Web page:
A father used his dying words to identify his killer, and the man who cut his girlfriend's throat, to police despite being stabbed 29 times, a court was told.
The Old Bailey heard that Bradley Wood attacked his friend, Lee Hatley, in Islington, north London, because the defendant was "jealous" that Wood had a "better life" than him.
It is alleged that the 25-year-old Wood launched into a brutal attack, stabbing the 29-year-old Hatley 29 times, leaving a piece of blade embedded in his brain at around 2am on 26 June this year.
Wood was also alleged to have attacked Hatley's girlfriend, Lauren Egan-Perkins, 22, as she slept, stabbing her in the neck.
Despite being stabbed in the head, neck and chest, Hatley managed to stagger next door to alert neighbours and even tell officers who attacked him, the court heard
"As they sought to provide him with first aid, he told them he had been stabbed 'everywhere' and named the person who stabbed him as Bradley Wood," Prosecutor Duncan Atkinson QC said according to the Daily Mail.
"He was heard to repeat this identification of his assailant on a number of occasions by neighbours and then police officers, who he also told he was dying.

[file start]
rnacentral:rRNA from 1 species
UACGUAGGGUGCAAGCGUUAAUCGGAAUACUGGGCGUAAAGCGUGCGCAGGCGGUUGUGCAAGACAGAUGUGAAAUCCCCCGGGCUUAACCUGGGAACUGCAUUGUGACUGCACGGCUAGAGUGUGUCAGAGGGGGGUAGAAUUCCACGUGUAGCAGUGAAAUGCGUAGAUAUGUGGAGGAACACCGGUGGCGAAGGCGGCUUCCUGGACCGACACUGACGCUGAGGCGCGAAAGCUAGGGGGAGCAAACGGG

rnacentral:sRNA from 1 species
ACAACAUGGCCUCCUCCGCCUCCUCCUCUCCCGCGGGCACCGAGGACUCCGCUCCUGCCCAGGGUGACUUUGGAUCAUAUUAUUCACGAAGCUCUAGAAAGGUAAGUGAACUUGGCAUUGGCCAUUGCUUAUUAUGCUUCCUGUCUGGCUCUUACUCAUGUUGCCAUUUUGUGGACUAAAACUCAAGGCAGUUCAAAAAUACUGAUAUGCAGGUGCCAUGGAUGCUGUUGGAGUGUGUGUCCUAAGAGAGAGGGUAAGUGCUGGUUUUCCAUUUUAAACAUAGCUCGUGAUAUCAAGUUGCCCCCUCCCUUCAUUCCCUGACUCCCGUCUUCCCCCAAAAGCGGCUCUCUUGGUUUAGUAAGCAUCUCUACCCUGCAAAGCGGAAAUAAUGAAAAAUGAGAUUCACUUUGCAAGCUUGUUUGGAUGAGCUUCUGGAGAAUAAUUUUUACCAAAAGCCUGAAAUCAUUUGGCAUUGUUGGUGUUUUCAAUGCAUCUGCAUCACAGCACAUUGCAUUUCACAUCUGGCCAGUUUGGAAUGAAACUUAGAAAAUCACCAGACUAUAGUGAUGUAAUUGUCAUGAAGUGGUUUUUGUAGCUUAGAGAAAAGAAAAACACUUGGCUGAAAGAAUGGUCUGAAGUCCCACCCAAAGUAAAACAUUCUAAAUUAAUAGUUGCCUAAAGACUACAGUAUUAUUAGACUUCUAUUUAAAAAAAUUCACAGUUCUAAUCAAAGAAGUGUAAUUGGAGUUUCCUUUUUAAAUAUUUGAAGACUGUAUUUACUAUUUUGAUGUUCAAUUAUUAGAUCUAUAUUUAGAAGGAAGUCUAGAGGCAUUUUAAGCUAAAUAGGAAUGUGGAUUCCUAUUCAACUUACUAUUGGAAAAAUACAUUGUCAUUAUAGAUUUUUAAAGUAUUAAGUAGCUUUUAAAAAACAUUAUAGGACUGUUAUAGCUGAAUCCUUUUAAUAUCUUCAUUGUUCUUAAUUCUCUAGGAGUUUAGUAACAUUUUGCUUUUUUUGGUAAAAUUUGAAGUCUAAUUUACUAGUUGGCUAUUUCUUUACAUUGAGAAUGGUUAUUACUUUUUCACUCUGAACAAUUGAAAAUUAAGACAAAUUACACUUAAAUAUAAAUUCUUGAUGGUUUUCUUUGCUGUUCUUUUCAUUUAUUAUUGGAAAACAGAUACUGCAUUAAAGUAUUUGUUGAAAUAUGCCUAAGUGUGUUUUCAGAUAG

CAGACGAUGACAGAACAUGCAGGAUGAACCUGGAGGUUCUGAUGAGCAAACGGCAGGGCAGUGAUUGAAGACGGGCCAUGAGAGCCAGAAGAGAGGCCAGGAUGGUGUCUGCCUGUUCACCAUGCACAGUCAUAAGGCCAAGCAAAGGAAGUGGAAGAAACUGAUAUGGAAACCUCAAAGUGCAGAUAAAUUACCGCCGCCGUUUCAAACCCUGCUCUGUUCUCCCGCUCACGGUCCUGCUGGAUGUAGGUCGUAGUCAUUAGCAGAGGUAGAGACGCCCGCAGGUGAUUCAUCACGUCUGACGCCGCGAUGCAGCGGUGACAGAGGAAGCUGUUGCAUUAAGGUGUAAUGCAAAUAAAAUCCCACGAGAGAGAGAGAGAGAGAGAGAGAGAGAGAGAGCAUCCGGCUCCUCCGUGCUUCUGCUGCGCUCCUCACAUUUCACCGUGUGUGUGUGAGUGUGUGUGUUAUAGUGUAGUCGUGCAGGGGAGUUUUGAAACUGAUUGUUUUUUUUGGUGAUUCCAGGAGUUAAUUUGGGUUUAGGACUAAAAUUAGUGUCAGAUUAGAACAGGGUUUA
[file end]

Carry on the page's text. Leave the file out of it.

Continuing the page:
"In fact not only Lee Hatley but also his partner Lauren Egan-Perkins had been stabbed with a kitchen knife picked up at Egan-Perkins' flat by Bradley Wood."
Hatley, a father-of-one, had only met Egan-Perkins a few weeks before his death and on the night of the stabbing the pair had spent the evening with Wood and another friend smoking cannabis and drinking, the court heard.
The jury was told how the other friend left and Egan-Perkins had gone to bed before she awoke whilst being stabbed in the neck and throat.
Atkinson said that on the night of Hatley's death Wood had been "paranoid" and was heard complaining his friend had a "better life" than his.
"During the time that they were all together, there had been some concerns about the defendant. He had been paranoid that people were after him," Atkinson said according to the Metro.
"He had also started to talk of how Hatley had enjoyed a better life than his own because he [Wood] had been in foster care and prison."
Wood fled the scene and travelled to Northampton before he handed himself into police where he told officers that when he picked up a knife Hatley "misunderstood" and lunged at him, the court was told.
The jury heard that Wood, of New College Mews, Islington, claimed he did not intend to harm Hatley during a struggle, and he did not explain how Egan-Perkins became hurt.
Wood denies murder, attempted murder and the alternative of wounding with intent. The trial continues.